2. Google “US apologizes to Guatemalans, 1940s” – describe the study or studies conducted in the 1940s (year(s), methods, participants, objective, etc.). Why are the studies considered unethical? Cite your source(s). (e.g., Wikipedia link)

3. Google “Human Radiation Experiments in the US, 1940s” – describe the study or studies conducted in the 1940s and even later (year(s), methods, participants, objective, etc.). Why are the studies considered unethical? Cite your source(s). (e.g., Wikipedia link) 

4. Google “Project Bluebird, Project Artichoke” – describe the study or studies (year(s), methods, participants, objective, etc.). Why are the studies considered unethical? Cite your source(s). (e.g., Wikipedia link) 

5. Google “The Monster Study” – describe the study (year(s), methods, participants, objective, etc.). Why is the study considered unethical? Cite your source(s). (e.g., Wikipedia link) 

6. Google “Brown eyes, Blue eyes experiment, Jane Elliot” – describe the study (year(s), methods, participants, objective, etc.). What was the objective of the study? Why do some people consider the study to be unethical? Cite your source(s). (e.g., Wikipedia link) 

This first part of my discussion assignment requires students to read up about a particular historical study, identify some of the key elements such as what was the objective of the study, on whom was the study conducted, when it was conducted, how it was conducted, and why the study is considered unethical. Students are required to cite their sources.

All six of these studies have a plethora of information available from multiple reliable sources on the internet. My hope is that as students read about these studies, they will recognize the shortcomings in the study design – where the researchers went wrong in how they treated their subjects or how they recruited their subjects, or just who their subjects were. I also hope that students will recognize the need for an institutional review board (IRB), the need for informed consent, and the need to protect vulnerable populations.

The Tuskegee study, understandably the most infamous of the lot, draws the most outrage from students. Students find the experiment “crazy and insane,” “a great example of raging biases and racism,” and “lacking in decency.” Students are appalled that little to no information was shared with the participants, that a study that was supposed to last only 6 months lasted 40 years, and that even after penicillin was established to be a standard treatment for syphilis, it wasn’t administered to the participants. Students are saddened by the fact that the researchers abused the knowledge that the participants were impoverished by offering incentives such as free meals and free treatment for other ailments in return for their participation in the study.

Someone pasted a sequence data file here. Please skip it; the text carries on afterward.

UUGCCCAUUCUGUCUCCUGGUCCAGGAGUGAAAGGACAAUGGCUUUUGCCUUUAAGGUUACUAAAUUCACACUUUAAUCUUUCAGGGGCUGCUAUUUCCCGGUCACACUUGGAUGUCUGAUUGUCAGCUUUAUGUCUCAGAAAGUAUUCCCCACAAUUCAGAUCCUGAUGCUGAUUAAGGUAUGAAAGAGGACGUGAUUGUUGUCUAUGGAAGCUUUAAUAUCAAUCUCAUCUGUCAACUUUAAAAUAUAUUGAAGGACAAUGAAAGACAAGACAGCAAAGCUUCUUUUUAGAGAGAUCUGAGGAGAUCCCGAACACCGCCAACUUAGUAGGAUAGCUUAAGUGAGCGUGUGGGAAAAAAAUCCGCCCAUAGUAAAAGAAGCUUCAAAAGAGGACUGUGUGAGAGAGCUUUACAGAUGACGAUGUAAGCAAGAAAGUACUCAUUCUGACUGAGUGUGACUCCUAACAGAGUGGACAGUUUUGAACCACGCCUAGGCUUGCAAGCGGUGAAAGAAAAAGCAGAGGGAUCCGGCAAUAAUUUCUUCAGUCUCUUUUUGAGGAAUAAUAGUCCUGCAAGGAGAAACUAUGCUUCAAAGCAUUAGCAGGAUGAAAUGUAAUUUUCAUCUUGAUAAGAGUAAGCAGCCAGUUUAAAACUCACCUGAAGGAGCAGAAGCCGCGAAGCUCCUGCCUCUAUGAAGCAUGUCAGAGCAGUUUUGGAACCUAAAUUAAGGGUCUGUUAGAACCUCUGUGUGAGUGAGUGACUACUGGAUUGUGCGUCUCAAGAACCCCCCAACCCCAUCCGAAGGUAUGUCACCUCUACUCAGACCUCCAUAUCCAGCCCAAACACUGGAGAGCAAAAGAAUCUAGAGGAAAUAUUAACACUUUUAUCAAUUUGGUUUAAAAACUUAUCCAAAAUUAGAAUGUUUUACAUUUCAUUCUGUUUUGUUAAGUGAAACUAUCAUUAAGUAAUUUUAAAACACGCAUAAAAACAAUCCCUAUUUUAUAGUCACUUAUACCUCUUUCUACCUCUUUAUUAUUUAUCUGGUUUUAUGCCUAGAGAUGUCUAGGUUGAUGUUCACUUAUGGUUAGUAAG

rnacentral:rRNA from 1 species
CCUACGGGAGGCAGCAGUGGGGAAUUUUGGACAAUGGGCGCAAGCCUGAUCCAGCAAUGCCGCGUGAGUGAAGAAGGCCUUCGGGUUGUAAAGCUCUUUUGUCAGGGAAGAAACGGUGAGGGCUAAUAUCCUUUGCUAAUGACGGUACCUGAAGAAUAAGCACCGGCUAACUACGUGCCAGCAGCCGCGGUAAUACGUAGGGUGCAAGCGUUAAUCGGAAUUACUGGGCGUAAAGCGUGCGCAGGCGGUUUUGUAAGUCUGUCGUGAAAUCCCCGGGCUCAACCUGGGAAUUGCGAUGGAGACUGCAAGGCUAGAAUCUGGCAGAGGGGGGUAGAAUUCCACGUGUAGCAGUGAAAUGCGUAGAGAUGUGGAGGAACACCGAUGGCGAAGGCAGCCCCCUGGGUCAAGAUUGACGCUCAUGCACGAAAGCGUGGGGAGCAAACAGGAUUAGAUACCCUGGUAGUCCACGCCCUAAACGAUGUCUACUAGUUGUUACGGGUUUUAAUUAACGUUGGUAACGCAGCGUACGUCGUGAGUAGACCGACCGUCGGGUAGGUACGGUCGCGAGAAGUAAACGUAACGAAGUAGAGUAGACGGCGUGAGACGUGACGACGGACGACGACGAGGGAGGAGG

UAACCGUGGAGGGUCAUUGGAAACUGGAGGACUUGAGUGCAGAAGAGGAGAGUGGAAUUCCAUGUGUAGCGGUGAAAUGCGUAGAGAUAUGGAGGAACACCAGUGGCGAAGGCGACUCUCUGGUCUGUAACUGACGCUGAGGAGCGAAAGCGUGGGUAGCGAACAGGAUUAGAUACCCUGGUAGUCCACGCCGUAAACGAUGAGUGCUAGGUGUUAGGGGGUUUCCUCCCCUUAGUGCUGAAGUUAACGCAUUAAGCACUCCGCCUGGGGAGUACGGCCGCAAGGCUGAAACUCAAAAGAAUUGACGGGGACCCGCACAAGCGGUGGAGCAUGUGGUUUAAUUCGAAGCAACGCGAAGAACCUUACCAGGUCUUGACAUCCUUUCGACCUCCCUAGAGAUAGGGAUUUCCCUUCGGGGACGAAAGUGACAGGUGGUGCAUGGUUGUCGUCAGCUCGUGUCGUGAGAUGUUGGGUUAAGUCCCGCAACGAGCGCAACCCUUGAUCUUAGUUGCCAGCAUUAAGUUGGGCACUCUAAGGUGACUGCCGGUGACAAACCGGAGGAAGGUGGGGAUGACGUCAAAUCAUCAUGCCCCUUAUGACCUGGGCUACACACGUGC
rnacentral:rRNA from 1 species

Students have similar reactions to the other studies as well. Some of their common responses include:

  • Subjects in any study should be told whether any negative outcomes were to be expected.
  • Participation should be voluntary; leaving the study should be easy and come at no cost to the participant.
  • Children should not be experimented on, at least not without permission from a parent or guardian who can make decisions in the child’s best interest.
  • People who are vulnerable, such as children, prisoners, pregnant women, and people from racial and ethnic minorities, should be protected, and not taken advantage of.

The “Brown eyes, blue eyes” experiment draws some interesting responses*. Some of my students write that while the experiment was well meaning, and was trying to teach students about discrimination on the basis of color, conducting an experiment on impressionable children, especially without the consent of their parents, was unethical. 

* For anyone unfamiliar with this experiment: On the day after the assassination of Dr. Martin Luther King, Jr., teacher Jane Elliot repeatedly told students in her all-white third-grade class that brown-eyed people were better than blue-eyed people.  On the next day, she switched to saying that blue-eyed people were better than brown-eyed people. She observed her students’ behaviors toward each other on both days.


Through their answers to the questions above, sometimes directly and sometimes indirectly, students arrive at recognizing the need for an institutional review board, the need for informed consent, and the need to protect vulnerable populations. This leads to the next set of questions in my discussion assignment:    

7. When you conduct research on human subjects, your research protocol needs to be reviewed by an institutional review board, and you need to obtain informed consent from your subjects. Explain what the bold terms mean, when did these procedures start getting enforced in the U.S., and why you need the review or informed consent. Cite your source(s). (e.g., Wikipedia link)